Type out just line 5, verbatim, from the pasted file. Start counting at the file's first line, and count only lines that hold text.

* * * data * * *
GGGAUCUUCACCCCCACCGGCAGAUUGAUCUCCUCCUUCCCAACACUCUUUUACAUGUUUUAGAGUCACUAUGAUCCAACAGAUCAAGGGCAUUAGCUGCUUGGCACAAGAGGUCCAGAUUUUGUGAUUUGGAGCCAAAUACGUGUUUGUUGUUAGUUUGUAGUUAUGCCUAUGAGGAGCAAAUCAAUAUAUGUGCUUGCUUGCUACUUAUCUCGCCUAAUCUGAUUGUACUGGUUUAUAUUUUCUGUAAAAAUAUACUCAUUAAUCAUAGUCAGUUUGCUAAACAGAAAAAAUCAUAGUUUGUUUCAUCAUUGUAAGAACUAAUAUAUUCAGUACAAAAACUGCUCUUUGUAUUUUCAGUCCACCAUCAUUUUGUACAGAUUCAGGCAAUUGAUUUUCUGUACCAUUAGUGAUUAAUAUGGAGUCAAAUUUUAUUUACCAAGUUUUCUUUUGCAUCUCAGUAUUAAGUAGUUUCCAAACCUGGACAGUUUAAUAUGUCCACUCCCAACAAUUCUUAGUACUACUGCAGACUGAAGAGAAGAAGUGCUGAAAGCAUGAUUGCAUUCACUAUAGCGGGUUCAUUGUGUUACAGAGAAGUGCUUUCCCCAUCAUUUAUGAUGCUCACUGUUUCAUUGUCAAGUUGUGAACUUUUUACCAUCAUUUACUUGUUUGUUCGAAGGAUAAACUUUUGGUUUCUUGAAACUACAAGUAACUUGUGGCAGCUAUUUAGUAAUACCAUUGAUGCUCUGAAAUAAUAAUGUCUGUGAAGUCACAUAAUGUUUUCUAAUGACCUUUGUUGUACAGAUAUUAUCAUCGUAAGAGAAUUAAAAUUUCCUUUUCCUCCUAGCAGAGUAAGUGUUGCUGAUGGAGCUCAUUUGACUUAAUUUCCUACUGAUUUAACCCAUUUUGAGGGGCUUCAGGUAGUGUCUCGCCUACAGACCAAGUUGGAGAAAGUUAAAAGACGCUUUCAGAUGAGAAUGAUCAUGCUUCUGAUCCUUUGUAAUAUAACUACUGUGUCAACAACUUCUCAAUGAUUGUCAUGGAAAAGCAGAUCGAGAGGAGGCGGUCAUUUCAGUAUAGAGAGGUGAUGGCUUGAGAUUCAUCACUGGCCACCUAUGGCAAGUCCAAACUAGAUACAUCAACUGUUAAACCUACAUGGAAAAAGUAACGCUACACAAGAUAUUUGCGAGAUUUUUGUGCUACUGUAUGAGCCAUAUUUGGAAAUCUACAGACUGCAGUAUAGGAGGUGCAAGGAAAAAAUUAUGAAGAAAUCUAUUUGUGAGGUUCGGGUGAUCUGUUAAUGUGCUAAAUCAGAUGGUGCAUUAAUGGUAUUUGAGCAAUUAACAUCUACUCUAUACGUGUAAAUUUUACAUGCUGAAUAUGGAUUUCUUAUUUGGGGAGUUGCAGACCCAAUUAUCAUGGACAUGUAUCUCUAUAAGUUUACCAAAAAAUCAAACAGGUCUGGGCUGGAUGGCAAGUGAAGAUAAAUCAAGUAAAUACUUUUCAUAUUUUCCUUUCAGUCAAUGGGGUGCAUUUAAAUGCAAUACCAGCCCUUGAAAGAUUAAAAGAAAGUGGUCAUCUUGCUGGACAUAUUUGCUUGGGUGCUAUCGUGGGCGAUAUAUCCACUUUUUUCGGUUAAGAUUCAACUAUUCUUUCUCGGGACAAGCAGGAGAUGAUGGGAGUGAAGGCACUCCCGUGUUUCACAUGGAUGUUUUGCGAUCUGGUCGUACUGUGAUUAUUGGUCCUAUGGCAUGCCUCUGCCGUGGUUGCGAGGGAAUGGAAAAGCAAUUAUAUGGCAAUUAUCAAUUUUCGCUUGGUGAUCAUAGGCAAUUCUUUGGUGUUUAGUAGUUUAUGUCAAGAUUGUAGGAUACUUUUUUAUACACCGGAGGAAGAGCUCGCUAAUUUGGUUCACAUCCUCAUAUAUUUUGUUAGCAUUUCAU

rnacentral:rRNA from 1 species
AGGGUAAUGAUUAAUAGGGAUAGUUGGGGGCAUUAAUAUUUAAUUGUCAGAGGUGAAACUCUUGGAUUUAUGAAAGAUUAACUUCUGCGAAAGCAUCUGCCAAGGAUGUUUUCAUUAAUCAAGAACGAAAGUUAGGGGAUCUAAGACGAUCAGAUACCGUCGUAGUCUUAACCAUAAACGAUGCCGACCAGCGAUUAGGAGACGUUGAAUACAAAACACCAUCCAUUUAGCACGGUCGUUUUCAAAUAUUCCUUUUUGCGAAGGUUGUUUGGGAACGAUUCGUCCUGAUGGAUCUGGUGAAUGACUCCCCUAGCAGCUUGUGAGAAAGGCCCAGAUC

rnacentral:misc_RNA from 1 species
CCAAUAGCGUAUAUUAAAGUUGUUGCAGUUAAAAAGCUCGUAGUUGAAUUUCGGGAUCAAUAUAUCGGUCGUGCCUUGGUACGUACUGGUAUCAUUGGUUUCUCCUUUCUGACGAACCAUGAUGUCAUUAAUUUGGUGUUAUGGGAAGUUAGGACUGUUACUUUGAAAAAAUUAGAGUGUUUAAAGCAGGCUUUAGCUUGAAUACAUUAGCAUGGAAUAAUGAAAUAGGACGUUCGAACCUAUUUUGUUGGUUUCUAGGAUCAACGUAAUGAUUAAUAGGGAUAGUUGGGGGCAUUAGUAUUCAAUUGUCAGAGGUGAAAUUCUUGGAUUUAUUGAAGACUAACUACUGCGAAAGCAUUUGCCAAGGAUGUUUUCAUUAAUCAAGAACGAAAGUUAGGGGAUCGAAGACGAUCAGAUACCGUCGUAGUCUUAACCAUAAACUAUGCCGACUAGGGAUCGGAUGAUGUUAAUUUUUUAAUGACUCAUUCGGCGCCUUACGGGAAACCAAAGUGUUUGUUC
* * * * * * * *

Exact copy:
CCAAUAGCGUAUAUUAAAGUUGUUGCAGUUAAAAAGCUCGUAGUUGAAUUUCGGGAUCAAUAUAUCGGUCGUGCCUUGGUACGUACUGGUAUCAUUGGUUUCUCCUUUCUGACGAACCAUGAUGUCAUUAAUUUGGUGUUAUGGGAAGUUAGGACUGUUACUUUGAAAAAAUUAGAGUGUUUAAAGCAGGCUUUAGCUUGAAUACAUUAGCAUGGAAUAAUGAAAUAGGACGUUCGAACCUAUUUUGUUGGUUUCUAGGAUCAACGUAAUGAUUAAUAGGGAUAGUUGGGGGCAUUAGUAUUCAAUUGUCAGAGGUGAAAUUCUUGGAUUUAUUGAAGACUAACUACUGCGAAAGCAUUUGCCAAGGAUGUUUUCAUUAAUCAAGAACGAAAGUUAGGGGAUCGAAGACGAUCAGAUACCGUCGUAGUCUUAACCAUAAACUAUGCCGACUAGGGAUCGGAUGAUGUUAAUUUUUUAAUGACUCAUUCGGCGCCUUACGGGAAACCAAAGUGUUUGUUC